Pitching struggles continue for Tech against UNC

Senior infielder Angelo Dispigna swings for the fences in last weekend’s series against No. 13 North Carolina. Tech fell 10-6 in Game 2 and won 8-4 in Game 3. // Photo by Joey D’Adamio Student Publications

Coming off of a comfortable home win versus Georgia Southern, Tech faced a much tougher opponent in a three-game series against ACC rival No. 13 North Carolina last weekend. Unfortunately, the issues Tech has against ranked opponents cropped up once again — untimely pitching meltdowns and unproductive stretches of plate appearances.  

On the season, UNC’s pitching has been solid, holding an earned-run average of 4.21 while conceding an opponent batting average of 0.237. They hit well too, making contact at a respectable team batting average of 0.288 and getting on base. However, the Tar Heels have really distinguished themselves by getting on-base and slamming home runs. Their on-base percentage of 0.413 ranks fourth in the ACC while their 57 homers ranks third in the ACC (for comparison, Tech ranks sixth at 48). Taking a series win was always going to be a challenge, but it is one Tech needed to meet in order to fulfill its ACC contender aspirations. 

Tech started the first game in a good spot. Junior pitcher Dawson Brown retired three batters, closing out the top of the first with a nice slider and keeping a clean frame. The second passed in similarly uneventful fashion until Tech scored the first run of the game. Redshirt freshman shortstop Kristian Campbell sent junior infielder John Giesler — working at designated hitter — home to give Tech the 1-0 lead and a chance to build momentum in the fourth inning.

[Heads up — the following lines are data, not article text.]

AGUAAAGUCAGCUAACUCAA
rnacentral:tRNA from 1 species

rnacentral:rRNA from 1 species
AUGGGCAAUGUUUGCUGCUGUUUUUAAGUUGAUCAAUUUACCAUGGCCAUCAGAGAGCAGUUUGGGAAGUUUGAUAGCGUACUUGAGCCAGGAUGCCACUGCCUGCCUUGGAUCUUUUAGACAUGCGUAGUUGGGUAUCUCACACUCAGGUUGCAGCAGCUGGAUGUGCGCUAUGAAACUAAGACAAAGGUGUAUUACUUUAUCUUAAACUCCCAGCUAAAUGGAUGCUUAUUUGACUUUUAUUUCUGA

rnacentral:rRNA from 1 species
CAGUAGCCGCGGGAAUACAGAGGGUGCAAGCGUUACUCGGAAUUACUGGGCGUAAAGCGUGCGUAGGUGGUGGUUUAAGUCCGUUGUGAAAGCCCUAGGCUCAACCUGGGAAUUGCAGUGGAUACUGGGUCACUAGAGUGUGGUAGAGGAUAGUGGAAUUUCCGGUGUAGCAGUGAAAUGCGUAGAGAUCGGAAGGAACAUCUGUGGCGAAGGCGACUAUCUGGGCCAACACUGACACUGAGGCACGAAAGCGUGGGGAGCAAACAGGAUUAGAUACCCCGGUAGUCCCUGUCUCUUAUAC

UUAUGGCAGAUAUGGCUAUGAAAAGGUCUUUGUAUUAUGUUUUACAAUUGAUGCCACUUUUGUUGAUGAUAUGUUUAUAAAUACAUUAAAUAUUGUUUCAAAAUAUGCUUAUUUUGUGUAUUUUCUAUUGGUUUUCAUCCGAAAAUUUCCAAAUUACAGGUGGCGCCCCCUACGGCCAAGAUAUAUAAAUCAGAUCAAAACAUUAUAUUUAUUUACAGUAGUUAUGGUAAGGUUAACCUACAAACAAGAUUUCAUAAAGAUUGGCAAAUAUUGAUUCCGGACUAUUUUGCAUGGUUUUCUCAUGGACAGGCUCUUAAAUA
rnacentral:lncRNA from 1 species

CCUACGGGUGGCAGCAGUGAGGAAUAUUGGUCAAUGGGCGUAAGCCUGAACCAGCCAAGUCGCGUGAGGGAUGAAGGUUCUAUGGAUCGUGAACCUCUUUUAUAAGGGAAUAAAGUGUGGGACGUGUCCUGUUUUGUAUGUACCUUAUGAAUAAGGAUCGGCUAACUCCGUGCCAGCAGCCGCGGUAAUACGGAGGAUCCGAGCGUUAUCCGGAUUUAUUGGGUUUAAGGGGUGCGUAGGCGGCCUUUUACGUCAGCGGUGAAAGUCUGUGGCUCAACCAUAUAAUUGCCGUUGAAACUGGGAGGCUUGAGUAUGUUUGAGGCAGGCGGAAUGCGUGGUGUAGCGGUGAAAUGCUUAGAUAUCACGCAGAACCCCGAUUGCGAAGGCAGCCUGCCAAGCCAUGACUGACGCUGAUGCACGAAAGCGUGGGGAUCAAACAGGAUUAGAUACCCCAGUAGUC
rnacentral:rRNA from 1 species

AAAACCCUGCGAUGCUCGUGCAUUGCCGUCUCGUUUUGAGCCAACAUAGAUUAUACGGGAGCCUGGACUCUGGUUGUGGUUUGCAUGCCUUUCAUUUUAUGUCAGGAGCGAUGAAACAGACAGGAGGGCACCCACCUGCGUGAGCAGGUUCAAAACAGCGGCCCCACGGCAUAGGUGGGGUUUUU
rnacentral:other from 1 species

Instead of their good fortune continuing, North Carolina reversed their luck in a blazing hot offensive inning. They scored five runs on four hits, forcing Brown to leave the mound after conceding a RBI double. Coach Danny Hall turned to freshman pitcher Demitri Diamant to close out the inning. Even though the damage continued with a RBI single, Diamant was able to cap the score at 6-1. UNC added another run at the top of the fifth to make it 7-1, but once again, Tech had a chance to respond and failed to capitalize. They opened up the bottom of the fifth with a walk, but then hit into a double play and struck out at the plate. 

The top of the sixth again looked dangerous as Diamant faced a bases-loaded situation with only one out. Fortunately, he forced the strikeout and the defense covered him on the groundout in order to end the inning. However, Tech’s offense continued to struggle, save a single by junior centerfielder Jake DeLeo. 

Junior pitcher Dalton Smith relieved Diamant in the seventh inning and looked fantastic. In his three innings of action, he struck out seven batters while holding the Tar Heels to three hits. Yet, across three innings, the only hit Tech recorded was a double from redshirt sophomore pitcher Jackson Finley. They lost 8-1 largely due to poor offensive output and a pitching meltdown in the fourth inning.